In Defense of the Genre is a column on BrooklynVegan about punk, pop punk, emo, post-hardcore, and more, including and often especially the bands and albums and subgenres that weren’t always taken so seriously. Here are The Genre’s five best songs from July.

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Can you believe it's August? What even is time anymore??? In case you missed any of them, here are all the 'In Defense of the Genre' pieces and other punk features we ran in July:

* 28 essential songs from the shoegaze / heavy crossover

* Paramore album guide - a look back on 5 albums of unique evolution

* 15 '80s punk albums that shaped the '90s/'00s pop punk boom

* Frank Turner & NOFX's Fat Mike interview each other about new split album and... lots of other random stuff

* The Lawrence Arms discuss every track on their great new album Skeleton Coast

* Vinnie Caruana & Sammy Siegler discuss influences on the new Constant Elevation EP

* The Acacia Strain frontman Vincent Bennett highlights local openers that won him over on tour

* The Mr. T Experience discuss 15 songs they wanted to cover in the '90s

* An Albatross discuss the music that influenced their first EP in 12 years

* Tons of '80s DC hardcore videos unearthed, including Fugazi, Dag Nasty, and more

* 10 classic '70s punk concert videos to watch right now

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More recent news: Code Orange did an awesome '90s MTV-inspired livestream (Alice In Chains cover included), over 30 songs added to new Tony Hawk's Pro Skater 1 + 2 soundtrack, Fishbone's (mostly) original lineup working on first new album in decades with Fat Mike producing, members of Rise Against, Sick Of It All, MXPX, Moby and more covered Black Flag, Taking Back Sunday shared a playlist of music they listen to on tour, The Fall of Troy releasing first album in four years, Shades Apart releasing first album in 19 years, June of 44 releasing first new music in 21 years, Mikey Erg covered Atom and His Package's "Punk Rock Academy," Hayley Williams covered Bjork's "Unison," members of Samiam, Stick To Your Guns, and Boysetsfire released an album with their new band Ways Away, and Tigers Jaw announced a full-band, career-spanning livestream.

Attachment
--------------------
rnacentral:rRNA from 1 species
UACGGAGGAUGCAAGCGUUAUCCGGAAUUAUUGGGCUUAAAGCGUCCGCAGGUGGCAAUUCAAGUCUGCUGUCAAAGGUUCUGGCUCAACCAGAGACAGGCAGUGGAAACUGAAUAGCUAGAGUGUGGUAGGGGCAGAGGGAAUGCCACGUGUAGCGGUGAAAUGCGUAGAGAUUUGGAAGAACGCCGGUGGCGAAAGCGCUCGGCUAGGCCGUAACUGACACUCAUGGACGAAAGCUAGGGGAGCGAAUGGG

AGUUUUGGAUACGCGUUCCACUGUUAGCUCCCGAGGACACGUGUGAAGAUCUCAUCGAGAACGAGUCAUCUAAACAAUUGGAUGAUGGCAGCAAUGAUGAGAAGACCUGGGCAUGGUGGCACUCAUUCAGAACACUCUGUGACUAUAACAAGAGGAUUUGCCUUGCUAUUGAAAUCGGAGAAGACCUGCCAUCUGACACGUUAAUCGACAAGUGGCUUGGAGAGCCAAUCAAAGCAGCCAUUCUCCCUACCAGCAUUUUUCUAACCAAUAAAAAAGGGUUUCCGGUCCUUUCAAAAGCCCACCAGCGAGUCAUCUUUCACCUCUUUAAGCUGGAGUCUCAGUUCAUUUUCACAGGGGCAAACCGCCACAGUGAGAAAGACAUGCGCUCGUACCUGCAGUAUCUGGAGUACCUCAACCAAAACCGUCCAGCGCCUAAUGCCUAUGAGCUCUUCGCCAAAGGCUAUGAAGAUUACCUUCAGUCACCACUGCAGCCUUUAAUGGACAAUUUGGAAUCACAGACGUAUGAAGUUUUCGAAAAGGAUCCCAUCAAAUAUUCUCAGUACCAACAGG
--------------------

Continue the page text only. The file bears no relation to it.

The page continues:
New album reviews: Strike Anywhere, The Lawrence Arms, Classics of Love, Vein.FM (fka Vein), The Acacia Strain, Sharptooth, Gulch, Cloud Nothings, Glorious (mem Employed To Serve, Renounced).

We also sadly had to say goodbye to two punk legends in July: Chi Pig of SNFU and Tim Smith of Cardiacs. I also wrote more about Cardiacs here. RIP.

Read on for my picks of the five best songs of July 2020 within punk, emo, post-hardcore, etc...

Classics of Love - "Crime Pays"

No, it's not a Freddie Gibbs or a Hall & Oates cover, it's Operation Ivy frontman Jesse Michaels' first new music in eight years! Jesse's current band Classics of Love (who now have a different lineup than the one they had on their 2012 debut album) returned out of nowhere with the World of Burning Hate EP, and it's five songs in less than 10 minutes of ripping, '80s-style hardcore. Over 30 years into Jesse's career, it might be the most abrasive thing he's ever released, and it's awesome. You may as well listen to the whole EP, but a big highlight is "Crime Pays," which adds in a little of Op Ivy's catchier side on the anthemic chorus and finds an appealing middle ground between gnarly hardcore and melodic punk.

Touche Amore - "Limelight" (ft. Manchester Orchestra's Andy Hull)